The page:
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propriety, and purity of English style, he hath bardly been surpassed, or even equalled, by any of his successors.

It is now about fifty years, since Doctor Swift made a public remonstrance, addressed to

the Earl of Oxford, then Lord Treasurer., - concerning the imperfect State of our Language; alleging in particular, " that in many instances it offended against every part of .“ Grammar.” Swift must be allowed to have been a good judge of this matter; to which he was himself very attentive, both in his own writings, and in his remarks upon those of his friends: be is one of the best and most correet of our profe writers. Indeed, ibe justness of this complaint, as far as I can find, bath never been questioned; and yet no effectual method hath hitherto been taken to redress the grievance, which was the object of it.

But let us consider, bow, and in what extent, we are to understand this charge brought against the English Language: for the Author seems not to have explained himself with sufficient clearness and precision on this bead. Does it mean, that the English Language, as it is spoken by the politest part of the nation, and as it stands in the writings of our mojt approved authors, often offends against every part of Grammar? Thus far, I am afraid, the charge is true. Or does it further imply, that our Language is in its nature irregular and capricious ; not hitherto subjett, nor easiy reducible; to a Orfem of rules? In this reSpect, I am persuaded, the charge is wholly without foundation.

The English Language is perhaps of all the present European Languages by much the most fimple in its form and construction. Of all the antient Languages extant That is the most fimple, which is undoubtedly the most antient; but even that Language itself does not equal the English in fimplicity.

The words of the English Language are perhaps subject to fewer variations from their original form, than those of any other. Substantives have but one variation of Case ; nor have they any diftinétion of Gender, befide tbat which nature hath made. Its Ad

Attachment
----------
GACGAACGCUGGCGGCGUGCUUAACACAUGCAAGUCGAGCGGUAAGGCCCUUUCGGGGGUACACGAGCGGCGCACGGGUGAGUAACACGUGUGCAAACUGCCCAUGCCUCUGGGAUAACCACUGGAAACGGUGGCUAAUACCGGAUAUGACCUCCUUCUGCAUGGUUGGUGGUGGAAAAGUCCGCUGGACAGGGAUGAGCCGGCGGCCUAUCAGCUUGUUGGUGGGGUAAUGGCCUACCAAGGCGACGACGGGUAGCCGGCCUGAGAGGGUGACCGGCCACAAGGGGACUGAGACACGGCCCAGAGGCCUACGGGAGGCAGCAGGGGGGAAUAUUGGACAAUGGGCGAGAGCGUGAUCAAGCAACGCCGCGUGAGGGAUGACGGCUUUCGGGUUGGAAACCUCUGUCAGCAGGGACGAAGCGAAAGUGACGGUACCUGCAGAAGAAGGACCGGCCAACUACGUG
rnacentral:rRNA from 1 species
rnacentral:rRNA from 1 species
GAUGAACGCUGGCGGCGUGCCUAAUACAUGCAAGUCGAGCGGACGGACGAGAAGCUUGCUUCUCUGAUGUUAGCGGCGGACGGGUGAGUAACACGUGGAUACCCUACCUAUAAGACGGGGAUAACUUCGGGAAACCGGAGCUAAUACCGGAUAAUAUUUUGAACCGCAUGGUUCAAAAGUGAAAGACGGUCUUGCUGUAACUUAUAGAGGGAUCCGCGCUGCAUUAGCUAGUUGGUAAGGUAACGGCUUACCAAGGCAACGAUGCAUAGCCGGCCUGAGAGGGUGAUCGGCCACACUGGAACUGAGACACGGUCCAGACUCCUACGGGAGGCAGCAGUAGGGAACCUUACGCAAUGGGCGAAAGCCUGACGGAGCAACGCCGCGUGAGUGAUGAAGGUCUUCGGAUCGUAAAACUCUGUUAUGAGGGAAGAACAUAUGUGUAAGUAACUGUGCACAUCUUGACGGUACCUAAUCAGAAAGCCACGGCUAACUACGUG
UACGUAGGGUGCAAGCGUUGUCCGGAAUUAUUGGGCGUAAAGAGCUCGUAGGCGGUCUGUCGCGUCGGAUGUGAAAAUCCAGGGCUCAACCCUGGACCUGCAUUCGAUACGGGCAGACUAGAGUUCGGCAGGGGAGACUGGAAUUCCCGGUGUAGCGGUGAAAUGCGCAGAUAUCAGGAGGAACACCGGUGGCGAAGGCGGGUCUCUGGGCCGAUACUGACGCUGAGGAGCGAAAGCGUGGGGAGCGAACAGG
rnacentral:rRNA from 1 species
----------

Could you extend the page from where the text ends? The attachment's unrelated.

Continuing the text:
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jectives admit of no change at all, except that which expresses the degrees of comparison. AN the poffible variations of the original form of the Verb are not above six or seven ; wherea's in many Languages they' aniount 10 fome bun. dreds: and almost the rehole bufiness of Mlodes, Times, and Voices, is managed with great ease ly the allistance of eight or nine commodicus little Verbs, called from their use Auxiliaries. The Construction of this Language is so easy and obvious, that cur Grammarians bade thought it hardly worth while to give us any thing like a regular and sistematical Syntax. The English Grammar, which hath been last presented to the public, and by the Person bejt qualified to have given us a perfect one, comprises the whole Syniaz in ten lines: for this reafur ; " because our Language has so little

infiexion, that its construction ucither re

quires nor odmits many rules.In truth, the easier any subječt is in its own nature, che harder it is to make it more easy by explanation ; and nothing is more unnecessary, and at the same time commoniy more difficult,

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than to give a formal demonstration of a praPosition almost self-evident.

It doth not then proceed from any peculiar irregularity or difficulty of our Language, that the general practice boob of Speaking and writing it is chargeable with inaccuracy. It is not the Language, but the PraEtice that is in fault. The truth is, Grammar is very mucb negleEted among us: and it is not the difficulty of the Language, but on the contrary the fimplicity and facility of it, that occasions ibis - neglect. Were the Language less easy and simple, we should find ourselves under a necessity of studying it with more care and attention. But as it is, we take it for granted, that we have a competent knowledge and skill, and are able to acquit ourselves properly, in our own native tongue : a faculty, solely acquired by use, conducted by habit, and tried by the ear, carries us on without reflexion ; we meet with no rubs or difficulties in our way, or we do not perceive them; we find ourselves able to go on without rules, and zee do not so



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much as suspect, that we fand in need of them.

A Grammatical Study of our own Language makes no part of the ordinary method of -instruction, which we pass through in our childhood, and it is very feldom that we apply ourselves to it afterward. Yet the want of it will not be effe&tually supplied by any other advantages whatsoever. Much practice in the polite world, and a general acquaintance with the best authors, are good helps; but alone will hardly be sufficient : we have writers, who have enjoyed these advantages in their full extent, and yet cannot be recommended as models of an accurate Atyle. Much less then will what is commonly called Learning serve the purpose; that is, a critical knowledge of antient Languages, and much reading of antient authors: the greatest Critic and most able Grammarian of the laft age, when he came to apply his Learning and his Criticism to an English Author, was frequently at a loss in matters


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